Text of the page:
Kannada actor-activist Chetan Kumar Sunday said there should be caste-based reservation in selection for the Indian cricket team.
Chetan’s statement, incidentally, came on the day when the Indian men’s team lost to Bangladesh in a one-day international (ODI). Chetan said, “In Indian cricket, 70 per cent of the players are from upper castes. If reservation is implemented in cricket as well, the team’s performance will be better,” said Kumar while taking part in a discussion on reservation in Chamarajanagar.
“Most of the players playing in the Indian cricket team are from upper castes. We need to see what is happening with the South African cricket team. The South African cricket board has made it mandatory to have a certain number of non-white players to be in their national team. In India, everyone knows how much money is involved in cricket and the influence of the media on it. If the Indian cricket team needs to perform well, reservation is also necessary. Scheduled Caste (SC) and Scheduled Tribes (ST) reservations must be brought in for better performance.”
Kumar was referring to a 2016 rule which mandated the South African team to have an average minimum of six non-white players, of which two must be black African, in matches over a season.
His statement received a mixed response as some questioned him why he was trying to bring caste into a sport when it is only based on performance. Facebook user Hameed Borkala said, “It’s a meaningless statement, selections must be on talent base. How can reservations perform better?”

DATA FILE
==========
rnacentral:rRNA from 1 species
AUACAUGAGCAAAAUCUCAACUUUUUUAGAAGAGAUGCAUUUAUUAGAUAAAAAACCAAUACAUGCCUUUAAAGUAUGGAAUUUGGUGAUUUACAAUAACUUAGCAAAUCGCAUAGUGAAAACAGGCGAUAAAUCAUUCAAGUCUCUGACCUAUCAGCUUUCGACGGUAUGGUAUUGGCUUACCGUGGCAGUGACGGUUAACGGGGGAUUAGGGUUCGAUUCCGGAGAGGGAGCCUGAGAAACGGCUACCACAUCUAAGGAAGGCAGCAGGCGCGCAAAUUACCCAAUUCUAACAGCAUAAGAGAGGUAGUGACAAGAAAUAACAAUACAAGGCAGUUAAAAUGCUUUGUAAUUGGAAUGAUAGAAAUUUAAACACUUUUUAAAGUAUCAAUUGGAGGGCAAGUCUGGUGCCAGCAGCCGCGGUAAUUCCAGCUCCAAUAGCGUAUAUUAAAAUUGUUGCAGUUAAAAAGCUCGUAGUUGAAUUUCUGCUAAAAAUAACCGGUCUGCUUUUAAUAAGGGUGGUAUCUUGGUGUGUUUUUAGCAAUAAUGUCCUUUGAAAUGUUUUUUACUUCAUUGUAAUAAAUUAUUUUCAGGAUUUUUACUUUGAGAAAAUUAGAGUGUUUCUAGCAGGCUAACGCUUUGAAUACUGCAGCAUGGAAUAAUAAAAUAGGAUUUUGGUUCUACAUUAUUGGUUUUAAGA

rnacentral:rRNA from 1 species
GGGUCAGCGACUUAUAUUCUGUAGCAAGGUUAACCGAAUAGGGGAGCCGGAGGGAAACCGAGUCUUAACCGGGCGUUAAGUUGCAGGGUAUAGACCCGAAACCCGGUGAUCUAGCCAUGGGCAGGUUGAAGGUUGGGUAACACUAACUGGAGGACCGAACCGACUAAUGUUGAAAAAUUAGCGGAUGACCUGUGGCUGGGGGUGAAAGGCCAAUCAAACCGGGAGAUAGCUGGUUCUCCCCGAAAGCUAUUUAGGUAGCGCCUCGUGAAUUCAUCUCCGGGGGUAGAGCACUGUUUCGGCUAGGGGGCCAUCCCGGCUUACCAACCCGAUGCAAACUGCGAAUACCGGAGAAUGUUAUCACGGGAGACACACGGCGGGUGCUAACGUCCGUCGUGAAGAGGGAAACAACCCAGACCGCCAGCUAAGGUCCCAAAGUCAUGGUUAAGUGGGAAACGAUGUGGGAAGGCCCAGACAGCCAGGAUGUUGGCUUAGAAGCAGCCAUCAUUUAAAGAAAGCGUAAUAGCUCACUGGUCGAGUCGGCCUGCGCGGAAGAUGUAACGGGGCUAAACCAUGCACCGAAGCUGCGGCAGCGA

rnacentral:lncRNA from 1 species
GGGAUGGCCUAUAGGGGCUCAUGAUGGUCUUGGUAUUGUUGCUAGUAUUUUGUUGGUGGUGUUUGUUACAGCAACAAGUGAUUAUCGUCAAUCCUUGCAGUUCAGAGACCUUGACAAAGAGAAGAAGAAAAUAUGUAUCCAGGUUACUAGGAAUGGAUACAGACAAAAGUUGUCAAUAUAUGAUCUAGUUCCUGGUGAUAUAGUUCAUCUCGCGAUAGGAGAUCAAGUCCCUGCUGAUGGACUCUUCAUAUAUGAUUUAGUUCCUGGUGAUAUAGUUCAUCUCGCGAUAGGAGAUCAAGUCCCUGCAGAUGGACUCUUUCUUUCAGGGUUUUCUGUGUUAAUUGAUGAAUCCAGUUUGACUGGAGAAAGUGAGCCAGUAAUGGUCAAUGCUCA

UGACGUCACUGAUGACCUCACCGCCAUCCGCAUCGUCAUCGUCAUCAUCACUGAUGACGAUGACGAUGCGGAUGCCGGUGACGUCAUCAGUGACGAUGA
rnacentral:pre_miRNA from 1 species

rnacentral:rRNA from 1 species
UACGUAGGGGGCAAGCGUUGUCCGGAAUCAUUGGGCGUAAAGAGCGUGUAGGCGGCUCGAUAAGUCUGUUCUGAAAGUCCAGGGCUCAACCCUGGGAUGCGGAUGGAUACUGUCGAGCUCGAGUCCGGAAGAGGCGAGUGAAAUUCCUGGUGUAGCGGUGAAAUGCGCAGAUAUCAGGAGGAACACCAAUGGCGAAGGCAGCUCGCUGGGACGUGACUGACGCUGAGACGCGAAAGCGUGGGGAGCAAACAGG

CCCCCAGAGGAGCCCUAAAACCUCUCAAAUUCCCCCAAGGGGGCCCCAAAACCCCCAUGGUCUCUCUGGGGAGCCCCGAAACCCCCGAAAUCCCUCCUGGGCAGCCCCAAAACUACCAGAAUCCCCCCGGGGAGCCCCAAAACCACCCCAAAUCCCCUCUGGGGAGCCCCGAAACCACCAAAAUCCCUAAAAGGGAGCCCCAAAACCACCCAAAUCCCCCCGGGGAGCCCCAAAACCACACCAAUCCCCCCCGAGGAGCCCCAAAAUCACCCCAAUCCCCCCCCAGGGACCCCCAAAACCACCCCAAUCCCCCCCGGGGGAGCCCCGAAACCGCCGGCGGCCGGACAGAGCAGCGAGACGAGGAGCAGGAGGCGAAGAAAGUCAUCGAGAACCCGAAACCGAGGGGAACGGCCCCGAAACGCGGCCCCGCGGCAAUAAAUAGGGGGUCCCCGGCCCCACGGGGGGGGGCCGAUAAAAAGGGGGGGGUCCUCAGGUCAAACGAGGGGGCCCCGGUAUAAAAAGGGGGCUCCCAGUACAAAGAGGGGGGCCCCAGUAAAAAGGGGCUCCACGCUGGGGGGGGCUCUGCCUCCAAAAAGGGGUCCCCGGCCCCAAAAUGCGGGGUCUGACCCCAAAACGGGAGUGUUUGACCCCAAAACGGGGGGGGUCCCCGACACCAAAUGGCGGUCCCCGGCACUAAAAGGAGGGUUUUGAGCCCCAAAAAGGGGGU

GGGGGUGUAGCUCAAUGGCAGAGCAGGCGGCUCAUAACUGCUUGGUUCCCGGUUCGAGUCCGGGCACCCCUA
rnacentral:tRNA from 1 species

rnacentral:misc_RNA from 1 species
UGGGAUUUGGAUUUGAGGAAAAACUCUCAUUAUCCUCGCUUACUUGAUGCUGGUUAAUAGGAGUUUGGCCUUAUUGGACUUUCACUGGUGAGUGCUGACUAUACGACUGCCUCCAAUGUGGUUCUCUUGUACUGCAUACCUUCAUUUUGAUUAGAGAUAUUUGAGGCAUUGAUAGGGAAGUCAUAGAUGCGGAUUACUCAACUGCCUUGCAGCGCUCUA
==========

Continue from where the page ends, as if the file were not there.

Supporting Kumar, Another Facebook user Suraj Samal said, “Those trash-talking Chetan’s statement should first educate themselves that several Countries do that already, including South Africa in Cricket to ensure Diversity & Discourage Monopoly.Sports is Not Just about winning. It teaches us to be Better Human Being with Competitive Spirit while embracing people coming from Underprivileged Backgrounds.”
Chetan Kumar alias Chetan Ahimsa was recently in news over his remarks on the popular Kannada movie Kantara. He said ‘Bhoota Kola’, a spirit worship ritual practised by people in coastal Karnataka and depicted in the film, was not part of Hindu culture. He also stood in support of a few students who were beaten by the public for alleged pro-Pakistan sloganeering.
Born and raised in the United States, Kumar is a familiar face in movements for the welfare of farmers, workers, Dalits and Adivasis. A socialist, Chetan has been an anti-establishment and pro-Kannada figure. He was associated with movements for the rehabilitation of endosulfan victims (2013), securing homes for tribals evicted from Kodagu (2016) and, more recently, for a separate religious status for Lingayats.